Celebrating spring in Egypt and across the world

On 20 March, Google puts up a spring equinox doodle

People across the world have begun to celebrate spring, rebirth and rejuvenation on 21 March; Egypt’s celebrations begin in mid-April and draw on a wealth of ancient traditions.

Published in Ahram Online

Spring is the season when flowers bloom and trees become green again. The tradition of celebrating spring as a symbol of rejuvenation, growth and new life goes back to the ancient world. Ancient Egyptians held festival honouring the goddess Isis and celebrating the spring harvest.

Lupercalia, a pre-Roman pastoral festival that took place around mid-February, aimed to reinvigorate health and fertility, an event originating from a spring washing and spiritual cleansing ritual known as Februa, hence the month’s name.

In ancient Mesopotamia celebrations of the New Year (or Akitu in Babylon) were among the most important festivities linked to an agricultural spring festival dedicated to the victory of the god Marduk over the goddess Tiamat, representing the watery deep and primordial chaos.

North Indian celebrations of Holi, rooted in fertility rituals, celebrate good harvest with fervour and joy. The celebrations include burning of Holika, the evening before Holi, as a symbol of a new beginning.

During Persian new year, Nowruz, celebrations mark the first day of spring and the beginning of the year in the Iranian calendar. The tradition of festivities that fall on 21 March has spread to many other parts of the world, including Central and South Asia.

From the traditional celebrations rooted in ancient beliefs, many nations have developed festivals of fun marking the spring season. The orange-throwing festival in Italy is self-explanatory, Malsenitsa in Russia taking place a few weeks before Russian Easter, is a time filled with fun and celebration, while Japanese Cherry Blossom festival spans over a few months from spring to summer, depending on when the blossoms open.

Many spring festivals incorporate a number of artistic themes. Passion returns to the Argentinian tango festival held in Buenos Aires between the end of February and end of March, Spring Beach music festivals scatter across the US coasts. The Pingsi Lantern Festival is a showcase of crafts and many art forms illuminated by the thousands of lanterns in Pingsi town in Taiwan, Melbourne Comedy Festival brings arts and laughter to Australia.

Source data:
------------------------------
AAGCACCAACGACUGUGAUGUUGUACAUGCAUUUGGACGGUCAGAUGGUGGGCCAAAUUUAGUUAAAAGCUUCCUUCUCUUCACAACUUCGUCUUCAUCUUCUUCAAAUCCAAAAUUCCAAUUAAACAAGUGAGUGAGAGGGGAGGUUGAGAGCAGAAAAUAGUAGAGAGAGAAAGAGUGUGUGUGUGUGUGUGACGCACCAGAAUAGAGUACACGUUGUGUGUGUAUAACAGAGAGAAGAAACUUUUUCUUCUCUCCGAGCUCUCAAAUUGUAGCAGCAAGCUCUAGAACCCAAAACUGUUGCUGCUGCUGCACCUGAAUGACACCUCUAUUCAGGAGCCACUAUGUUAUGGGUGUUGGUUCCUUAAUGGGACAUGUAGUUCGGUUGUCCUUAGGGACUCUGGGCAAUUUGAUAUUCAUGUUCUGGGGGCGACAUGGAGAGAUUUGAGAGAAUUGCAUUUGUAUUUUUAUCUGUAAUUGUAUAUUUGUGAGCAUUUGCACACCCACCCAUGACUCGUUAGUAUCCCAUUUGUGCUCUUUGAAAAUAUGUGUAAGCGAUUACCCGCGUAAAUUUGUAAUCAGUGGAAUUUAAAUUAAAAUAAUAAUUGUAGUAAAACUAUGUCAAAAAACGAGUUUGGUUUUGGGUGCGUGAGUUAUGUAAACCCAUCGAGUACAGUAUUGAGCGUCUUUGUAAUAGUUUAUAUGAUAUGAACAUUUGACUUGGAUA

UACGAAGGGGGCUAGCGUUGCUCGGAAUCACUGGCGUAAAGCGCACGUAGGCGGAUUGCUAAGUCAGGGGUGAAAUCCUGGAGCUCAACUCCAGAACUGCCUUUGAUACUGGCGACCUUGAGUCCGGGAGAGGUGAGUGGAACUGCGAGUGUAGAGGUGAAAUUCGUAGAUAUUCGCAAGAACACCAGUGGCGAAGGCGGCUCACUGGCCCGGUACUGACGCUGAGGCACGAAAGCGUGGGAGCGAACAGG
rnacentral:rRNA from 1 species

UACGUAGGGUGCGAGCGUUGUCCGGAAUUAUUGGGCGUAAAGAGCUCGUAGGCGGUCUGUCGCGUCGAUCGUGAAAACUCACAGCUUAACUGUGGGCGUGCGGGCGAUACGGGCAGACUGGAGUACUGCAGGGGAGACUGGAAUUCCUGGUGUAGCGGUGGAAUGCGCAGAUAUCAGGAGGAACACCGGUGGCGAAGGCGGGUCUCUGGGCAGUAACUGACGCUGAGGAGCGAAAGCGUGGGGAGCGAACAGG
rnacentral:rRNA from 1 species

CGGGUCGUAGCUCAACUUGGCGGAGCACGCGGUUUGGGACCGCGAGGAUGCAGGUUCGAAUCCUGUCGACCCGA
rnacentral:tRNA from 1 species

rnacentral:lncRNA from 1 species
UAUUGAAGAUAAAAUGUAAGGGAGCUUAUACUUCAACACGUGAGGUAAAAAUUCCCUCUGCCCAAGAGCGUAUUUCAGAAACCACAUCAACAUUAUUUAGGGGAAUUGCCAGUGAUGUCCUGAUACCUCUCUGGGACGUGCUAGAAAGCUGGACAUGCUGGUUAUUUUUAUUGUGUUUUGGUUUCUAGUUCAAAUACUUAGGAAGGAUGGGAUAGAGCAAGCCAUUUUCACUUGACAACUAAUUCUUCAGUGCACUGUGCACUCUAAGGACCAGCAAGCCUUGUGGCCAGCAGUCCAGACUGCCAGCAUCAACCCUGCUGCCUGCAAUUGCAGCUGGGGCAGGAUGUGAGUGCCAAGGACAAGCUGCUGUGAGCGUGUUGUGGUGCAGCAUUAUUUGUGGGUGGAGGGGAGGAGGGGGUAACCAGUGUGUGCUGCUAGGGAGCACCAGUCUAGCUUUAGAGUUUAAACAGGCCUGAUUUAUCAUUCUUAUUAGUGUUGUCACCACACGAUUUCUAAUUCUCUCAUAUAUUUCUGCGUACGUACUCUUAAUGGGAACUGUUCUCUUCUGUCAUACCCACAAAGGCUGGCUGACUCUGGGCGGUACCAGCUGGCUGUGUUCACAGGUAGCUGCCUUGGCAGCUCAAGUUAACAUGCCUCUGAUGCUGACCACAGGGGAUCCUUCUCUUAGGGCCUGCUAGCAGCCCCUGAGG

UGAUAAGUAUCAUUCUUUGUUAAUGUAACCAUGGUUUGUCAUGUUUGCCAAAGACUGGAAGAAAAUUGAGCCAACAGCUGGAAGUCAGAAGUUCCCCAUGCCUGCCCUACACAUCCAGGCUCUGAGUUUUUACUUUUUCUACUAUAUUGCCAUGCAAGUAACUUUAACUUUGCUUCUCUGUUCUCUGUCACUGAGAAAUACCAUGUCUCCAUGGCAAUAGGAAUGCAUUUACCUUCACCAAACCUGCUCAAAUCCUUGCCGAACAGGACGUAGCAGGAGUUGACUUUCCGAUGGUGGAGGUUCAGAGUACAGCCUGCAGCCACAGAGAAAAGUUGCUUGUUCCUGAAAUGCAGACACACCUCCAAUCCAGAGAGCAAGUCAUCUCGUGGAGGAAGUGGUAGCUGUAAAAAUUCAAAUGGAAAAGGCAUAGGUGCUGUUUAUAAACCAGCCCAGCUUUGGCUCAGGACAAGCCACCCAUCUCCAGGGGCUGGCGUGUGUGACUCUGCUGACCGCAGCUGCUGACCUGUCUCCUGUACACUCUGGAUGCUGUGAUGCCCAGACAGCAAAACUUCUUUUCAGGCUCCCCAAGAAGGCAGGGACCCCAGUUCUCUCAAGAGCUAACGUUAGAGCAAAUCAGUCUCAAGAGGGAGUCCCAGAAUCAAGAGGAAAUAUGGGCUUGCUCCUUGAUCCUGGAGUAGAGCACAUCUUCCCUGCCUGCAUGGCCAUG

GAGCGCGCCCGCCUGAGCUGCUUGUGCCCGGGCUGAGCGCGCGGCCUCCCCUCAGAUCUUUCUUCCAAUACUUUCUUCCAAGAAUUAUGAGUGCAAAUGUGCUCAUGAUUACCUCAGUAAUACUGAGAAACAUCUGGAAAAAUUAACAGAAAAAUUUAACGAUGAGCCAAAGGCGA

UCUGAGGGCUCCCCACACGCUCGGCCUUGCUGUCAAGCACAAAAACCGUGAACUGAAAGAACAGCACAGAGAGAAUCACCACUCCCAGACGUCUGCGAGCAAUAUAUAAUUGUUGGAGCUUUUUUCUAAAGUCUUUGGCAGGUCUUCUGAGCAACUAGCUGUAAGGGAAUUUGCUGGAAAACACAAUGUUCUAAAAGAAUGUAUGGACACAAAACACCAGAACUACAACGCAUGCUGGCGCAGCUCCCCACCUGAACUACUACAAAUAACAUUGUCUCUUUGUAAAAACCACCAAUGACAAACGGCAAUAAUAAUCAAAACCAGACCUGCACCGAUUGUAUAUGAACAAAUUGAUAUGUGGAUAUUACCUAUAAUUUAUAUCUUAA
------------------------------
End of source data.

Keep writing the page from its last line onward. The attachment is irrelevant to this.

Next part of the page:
Across the world, spring is celebrated with a multitude of traditional and artistic festivities, where music, theatre and dance bring a fresh spirit to the streets of the cities around the globe. In many countries spring is only the beginning of a much longer series of festivals that continue throughout summer and until early autumn.

In Egypt, Sham El-Nessim marks the beginning of spring and a national holiday that falls on the day after the Eastern Christian Easter. Though linked to the Christian-related date, Egyptians regardless of religion spend the holiday outdoors in public spaces considering Sham El-Nessim to be a national, rather than religious celebration. During Sham El-Nessim many eat traditional food such as feseekh (a salted gray mullet), lettuce, scallions or green onions, and coloured boiled eggs. This year Sham El-Nessim falls on Monday 16 April.

An artistic, but not traditional, spring celebration is the Spring Festival organised every second year by Al-Mawred Al-Thaqafy.  This year the festival will kick off on 20 April and will continue until 14 May across Cairo, Alexandria, Minya and Assiut including a wide range of artistic activities (music, dance, storytelling, public discussions and workshops) by Egyptian and international artists.

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